Tuesday, December 27, 2005

Sowing The Seeds

Back in October, I wrote a post (cross-posted on Belgravia Dispatch) that discussed the various issues confronting the United States and Iraq in their effort to create an Iraqi military that is: (a) capable of defeating the insurgency; (b) capable of defending the nation from foreign incursions; (c) primarily loyal to the nation of Iraq and not to any one ethnic/sectarian group or militia; and (d) diverse, proportionate and representative of the ethnic/sectarian makeup of the Iraqi population writ large.

In that post, I provided a more detailed argument regarding the importance of achieving those goals, and the progress, or lack thereof, that was being made. Without attaining sufficient success with respect to the above listed criteria beforehand, withdrawing US forces pursuant to the "as they stand up, we stand down" model could actually undermine our effort to stave off the eruption of a full blown civil war. If the Iraqi army we are training is predominately Shiite and Kurdish, and those forces are first and foremost loyal to their ethnic/sectarian groups, then the hope of including the Sunni population in a new and peaceful Iraqi society will be greatly lessened. The likelihood of heavy handedness and large scale reprisals would be too great. For a unified Iraq to succeed, the Iraqi Army must transcend the politics of identification and must include enough Sunnis so as to prevent it from becoming an ethnic/sectarian vehicle.

A recent article appearing in the New York Times highlights the frustrating lack of progress on this front. According to the Times' story, the results of voting trends from the Iraqi security forces illustrate the lack of balance in the composition of those forces. The Sunni population is, predictably, underrepresented:

But on that score there still appears to be a way to go, according to the numbers from the special election tally. In that category, 45 percent of votes were cast for the main Kurdish slate of candidates, compared with the combined total of just 7 percent for the three main Sunni Arab political parties. The principal Shiite political alliance received 30 percent of the votes in the category.

The heavily disproportionate votes for the Kurds and the slight showing for the Sunnis primarily reflected their relative numbers in the security forces, election officials here said.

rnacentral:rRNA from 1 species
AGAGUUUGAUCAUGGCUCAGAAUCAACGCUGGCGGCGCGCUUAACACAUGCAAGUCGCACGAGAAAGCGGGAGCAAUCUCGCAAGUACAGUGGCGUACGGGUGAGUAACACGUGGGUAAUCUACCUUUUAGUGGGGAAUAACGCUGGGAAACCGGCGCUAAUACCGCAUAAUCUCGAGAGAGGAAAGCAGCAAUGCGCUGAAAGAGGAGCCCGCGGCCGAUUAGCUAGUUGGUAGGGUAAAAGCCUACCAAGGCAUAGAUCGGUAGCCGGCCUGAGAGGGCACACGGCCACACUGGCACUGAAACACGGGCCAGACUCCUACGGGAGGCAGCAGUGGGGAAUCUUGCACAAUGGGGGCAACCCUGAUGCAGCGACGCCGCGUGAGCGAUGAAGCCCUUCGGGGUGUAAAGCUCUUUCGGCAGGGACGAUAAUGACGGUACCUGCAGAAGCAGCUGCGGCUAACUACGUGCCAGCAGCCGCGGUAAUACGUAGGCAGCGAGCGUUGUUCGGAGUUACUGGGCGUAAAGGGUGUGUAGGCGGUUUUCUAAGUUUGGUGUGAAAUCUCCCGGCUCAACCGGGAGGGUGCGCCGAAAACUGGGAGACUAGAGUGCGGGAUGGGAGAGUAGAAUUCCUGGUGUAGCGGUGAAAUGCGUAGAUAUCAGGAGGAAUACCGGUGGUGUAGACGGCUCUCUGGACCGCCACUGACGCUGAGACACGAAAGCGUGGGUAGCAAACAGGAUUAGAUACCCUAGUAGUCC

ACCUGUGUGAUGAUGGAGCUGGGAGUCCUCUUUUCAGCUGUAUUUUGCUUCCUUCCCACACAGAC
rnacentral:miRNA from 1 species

By contrast, while final election results will not be available for another week, Iraqi news reports have estimated that Kurds and Sunni Arabs each received perhaps 20 percent of the overall national vote for seats in Parliament. The main Shiite political alliance is expected to take slightly less than 50 percent of the seats. Those estimates more closely follow Iraq's demographic makeup.
It should go without mention that it is not as if US forces could just wave a wand and create an integrated army that accurately reflects the contours of the Iraqi population. Such a goal will require years of patience and painstaking safeguards to effect. Nevertheless, getting the army right is crucial to the long term prospects of a peaceful and stable Iraq. I'm not going to rehash the full breadth of my previous discussion, so for those looking for a more thorough analysis of this topic, and why it so important, please see my earlier post.

But I do want to add one additional point that I might not have sufficiently discussed in that first post. Aside from the obvious interest in avoiding a large scale civil war (that could morph into a regional conflict) in the center of the Middle East, there are larger implications in the battle for hearts and minds between the US and al-Qaeda and their fellow jihadists. If in our zeal to stand up an army and beat a hasty retreat from Iraq we end up creating, arming and assisting a military composed primarily of Kurdish and Shiite forces, and that military becomes the fighting force in an eventual civil war, can you imagine the propaganda field-day Osama would have?

The United States (already viewed with suspicion, cynicism and mistrust) will have, in effect, armed, trained and possibly provided air support and other tactical assistance to one side (the Shiites) in a clash of religious sects within the Muslim world. The Sunni population in other Muslim nations (a majority in almost all save Iran), which would no doubt be treated to images of Sunni civilians caught in the grisly cross-fire (and/or intentionally targeted in some circumstances), would be radicalized, horrified, enraged, humiliated and desperate to strike back at the "imperialist crusader" that many would no doubt blame for the carnage - probably inordinately so, but that is to be expected.

How do you think such a dynamic would interact with our effort to curb the appeal and support for extremist jihadists and other groups looking to do harm to American interests? Not well in my estimation - a glaring understatement. If we are perceived as the facilitator and actor in such a sectarian clash, we will undoubtedly come out losers regardless of the outcome. The consequences could be severe and destructive in the short term and provide an indelible blemish on our image in the region in the long term.

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